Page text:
This species was first seen in our area at Magnuson Park in Seattle, but since then it has been found at a number of other Puget Sound locations as well. It is more common in western Oregon and much of California. Here's the range map for this species:

Definitely a western species.

In addition to being conspicuously large, the California Spreadwing is easily identifiable by its overall brown color, with pale markings on the sides of the thorax. In particular, there is one prominent light-colored side stripe with contrasting dark borders that is an excellent field mark for this species. It also has pale rings along the length of the abdomen. You can see these features clearly below:

The female looks much the same as the male, with the same side stripes on the thorax. Her abdomen is rather stocky, however, and it has a prominent ovipositor at the tip. In the following photo a female is being held by a male, who grabs her by the front of the thorax. Male dragonflies hold the females by the back of the head, but the head is so small in damselflies that it is better to grab the female by her thorax.

This is an interesting damselfly, and one that is easy to spot due to its size.

Read more about this and other west coast odonates in my field guide:

Monday, November 20, 2017

Splash-Dunk Analysis, 2011-2017

As in past years, Betsy and I recorded all of our observations of dragonflies splash-dunking and spin-drying. This was a particularly slow year, as far as dragonfly activity goes, and for only the second time since we started in 2011 we had fewer than 100 Events—86 in fact.

Before continuing, let's make it clear what is meant by an "Event." For our purposes, an Event begins when a dragonfly hits the water in a splash-dunk. If the dragonfly rises after the splash-dunk and performs a spin-dry, then that was a one-splash-dunk Event. If the dragonfly does two splash-dunks, then rises for a spin-dry, it's a two-splash-dunk Event, and so on. Each time we see an Event beginning, we keep count of the number of splash-dunks before the spin-dry.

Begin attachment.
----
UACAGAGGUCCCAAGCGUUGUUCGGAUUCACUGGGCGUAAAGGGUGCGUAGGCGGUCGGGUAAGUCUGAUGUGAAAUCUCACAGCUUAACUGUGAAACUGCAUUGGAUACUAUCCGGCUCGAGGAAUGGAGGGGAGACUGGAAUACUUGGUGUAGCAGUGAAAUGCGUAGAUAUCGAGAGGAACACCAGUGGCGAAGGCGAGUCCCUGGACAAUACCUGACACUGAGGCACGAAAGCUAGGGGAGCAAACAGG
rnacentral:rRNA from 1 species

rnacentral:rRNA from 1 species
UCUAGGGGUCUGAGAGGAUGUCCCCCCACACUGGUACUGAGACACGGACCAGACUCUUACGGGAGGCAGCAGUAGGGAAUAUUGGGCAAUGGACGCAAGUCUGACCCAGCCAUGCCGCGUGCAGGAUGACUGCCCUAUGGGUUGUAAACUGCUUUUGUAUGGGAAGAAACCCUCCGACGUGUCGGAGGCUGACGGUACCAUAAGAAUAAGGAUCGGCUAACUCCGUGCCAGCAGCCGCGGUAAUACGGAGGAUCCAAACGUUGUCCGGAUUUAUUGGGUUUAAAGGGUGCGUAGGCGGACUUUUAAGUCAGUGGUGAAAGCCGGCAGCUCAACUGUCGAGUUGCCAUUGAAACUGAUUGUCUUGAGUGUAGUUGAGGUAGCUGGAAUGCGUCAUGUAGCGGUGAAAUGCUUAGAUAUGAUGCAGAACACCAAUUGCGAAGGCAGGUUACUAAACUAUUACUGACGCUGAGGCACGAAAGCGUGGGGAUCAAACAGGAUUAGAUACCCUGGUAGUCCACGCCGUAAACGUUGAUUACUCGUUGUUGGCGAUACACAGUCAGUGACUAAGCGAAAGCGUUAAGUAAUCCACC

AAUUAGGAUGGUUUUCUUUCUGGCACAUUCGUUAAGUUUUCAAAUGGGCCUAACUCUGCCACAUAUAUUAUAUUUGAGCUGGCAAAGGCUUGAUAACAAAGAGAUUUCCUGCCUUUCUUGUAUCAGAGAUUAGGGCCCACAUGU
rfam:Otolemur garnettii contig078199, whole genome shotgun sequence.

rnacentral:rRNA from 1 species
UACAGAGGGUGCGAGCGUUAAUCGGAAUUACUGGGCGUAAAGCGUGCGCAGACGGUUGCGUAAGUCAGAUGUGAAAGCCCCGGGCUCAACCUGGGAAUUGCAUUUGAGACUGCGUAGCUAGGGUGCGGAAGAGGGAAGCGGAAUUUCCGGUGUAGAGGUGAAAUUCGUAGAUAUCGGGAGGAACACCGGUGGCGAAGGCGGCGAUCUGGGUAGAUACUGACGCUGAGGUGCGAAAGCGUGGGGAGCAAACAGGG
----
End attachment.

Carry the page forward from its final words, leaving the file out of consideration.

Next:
Secondly, let's give a reminder why the dragonflies are splash-dunking in the first place: They are bathing. When dragonflies perch they hold their wings straight out, and they cannot clean them. The wings collect various types of debris, and the way to clean them is to plunge into the water one or more times.

Here are the results for splash-dunk events in 2017:

Splash-Dunk Events for 2017. Total number of Events is 86; average number of splash-dunks per Event is 2.41.

This is a typical distribution, with the number of splash-dunks per event ranging from 1 to 7. Compare this with the cumulative results for 2011-2017:

Splash-Dunk Events for 2011-2017. Total number of Events is 688; average number of splash-dunks per Event is 2.32.

These are the results from observations of 688 splash-dunk Events. The average number of splash-dunks per Event is 2.32. Notice that more Events have just a single splash-dunk than any other number. In addition, the record number of splash-dunks in an Event is still 8—the number of splash-dunks in the famous event associated with the constipated darner. You can read details about the constipated darner at the following link:

Each year we see that there seems to be a bit of an excess in the number of Events around 3 and 4 splash-dunks. Let's look at this a bit more carefully. We begin with an exponential fit to the data:

The red dots are the data points, and the blue line is an exponential fit of the form a Exp[–bx], with the parameters a and b taking on the values a = 425 Events and b = 0.488 Events/splash-dunk. This shows clearly that the data is generally exponential in its fall-off, but with an excess of Events at 3 and 4. This has been a significant feature of the data each year.

The exponential fall off implies that each splash-dunk is an independent occurrence; that is, after each splash-dunk there is a certain probability that the dragonfly will do another splash-dunk independent of how many splash-dunks it has already performed. For the most part, this seems to be a valid description of the splash-dunk behavior. For some reason, however, there is a greater probability that a dragonfly will perform 3 or 4 splash-dunks. Perhaps fewer than 3 splash-dunks is usually not enough to clean the dragonfly, whereas more than 4 splash-dunks starts to get tiring, making the 3 to 4 range sort of a "sweet spot" for the dragonflies.